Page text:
Leasing of degraded forest lands: Working Group's report on the prospects of making degraded forests available to private entrepreneurs | Land Portal | Securing Land Rights Through Open Data

Resource information

Date of publication: 
October 1998
Resource Language: 
Pages: 
56
License of the resource: 

The Planning Commission set up a Working Group to examine the prospects of leasing out of degraded forests to the private entrepreneurs/ Forest Corporations. The terms of reference for the Group were:-

·  Economic, social and environmental feasibility of leasing or otherwise making degraded forest land to the
private entrepreneurs/ Forest Corporations.

·  Implication of Ninth Plan, forest policy, forest law on this issue.

Since it is paper and pulp industry which has been demanding forest lands on lease either directly or via the Forest Development Corporations (FDCs), we essentially considered the merits of making degraded forests available to the paper industry for meeting their raw material needs. The concept prima facie is quite appealing; government has wastelands but lacks funds, industry has both capital and technology, and hence best suited to afforest degraded lands. In the process the poor get jobs. So why should one object?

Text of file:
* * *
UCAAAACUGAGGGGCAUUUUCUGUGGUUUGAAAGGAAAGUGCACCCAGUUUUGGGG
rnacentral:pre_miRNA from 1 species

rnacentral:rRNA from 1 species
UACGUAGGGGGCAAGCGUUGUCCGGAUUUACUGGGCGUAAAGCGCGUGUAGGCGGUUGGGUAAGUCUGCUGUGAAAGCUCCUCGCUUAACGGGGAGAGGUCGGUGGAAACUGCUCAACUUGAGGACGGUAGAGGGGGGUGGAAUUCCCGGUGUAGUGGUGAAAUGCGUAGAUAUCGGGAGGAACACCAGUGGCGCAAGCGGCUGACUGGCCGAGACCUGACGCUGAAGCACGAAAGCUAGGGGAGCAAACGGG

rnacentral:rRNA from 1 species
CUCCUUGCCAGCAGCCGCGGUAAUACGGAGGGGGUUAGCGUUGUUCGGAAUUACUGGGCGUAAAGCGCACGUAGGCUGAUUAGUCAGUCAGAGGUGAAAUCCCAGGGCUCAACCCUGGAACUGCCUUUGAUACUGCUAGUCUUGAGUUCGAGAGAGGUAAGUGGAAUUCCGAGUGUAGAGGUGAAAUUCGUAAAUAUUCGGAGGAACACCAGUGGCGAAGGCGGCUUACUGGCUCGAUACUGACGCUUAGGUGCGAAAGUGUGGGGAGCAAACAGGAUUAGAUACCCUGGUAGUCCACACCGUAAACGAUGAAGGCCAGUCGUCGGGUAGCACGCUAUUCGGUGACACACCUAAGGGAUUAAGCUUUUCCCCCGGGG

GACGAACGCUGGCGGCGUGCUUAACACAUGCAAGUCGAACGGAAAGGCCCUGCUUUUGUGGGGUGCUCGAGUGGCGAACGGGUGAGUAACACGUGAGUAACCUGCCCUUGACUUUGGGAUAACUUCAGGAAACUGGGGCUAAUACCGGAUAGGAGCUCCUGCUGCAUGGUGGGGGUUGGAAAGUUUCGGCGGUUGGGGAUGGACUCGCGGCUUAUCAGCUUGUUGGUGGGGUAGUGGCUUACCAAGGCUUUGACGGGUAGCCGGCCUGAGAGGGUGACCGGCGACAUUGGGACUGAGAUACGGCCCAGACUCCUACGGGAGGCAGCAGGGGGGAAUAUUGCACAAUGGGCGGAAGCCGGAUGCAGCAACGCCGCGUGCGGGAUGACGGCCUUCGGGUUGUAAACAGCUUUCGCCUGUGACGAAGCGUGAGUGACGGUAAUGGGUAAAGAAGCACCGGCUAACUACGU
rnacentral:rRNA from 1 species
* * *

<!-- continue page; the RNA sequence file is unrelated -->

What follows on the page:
Authors and Publishers

Author(s), editor(s), contributor(s): 
N C Saxena, Planning Commission
Publisher(s): 
India Governmental Seal

The Indus Valley civilization, one of the world's oldest, flourished during the 3rd and 2nd millennia B.C. and extended into northwestern India. Aryan tribes from the northwest infiltrated the Indian subcontinent about 1500 B.C.; their merger with the earlier Dravidian inhabitants created the classical Indian culture. The Maurya Empire of the 4th and 3rd centuries B.C. - which reached its zenith under ASHOKA - united much of South Asia. The Golden Age ushered in by the Gupta dynasty (4th to 6th centuries A.D.) saw a flowering of Indian science, art, and culture.

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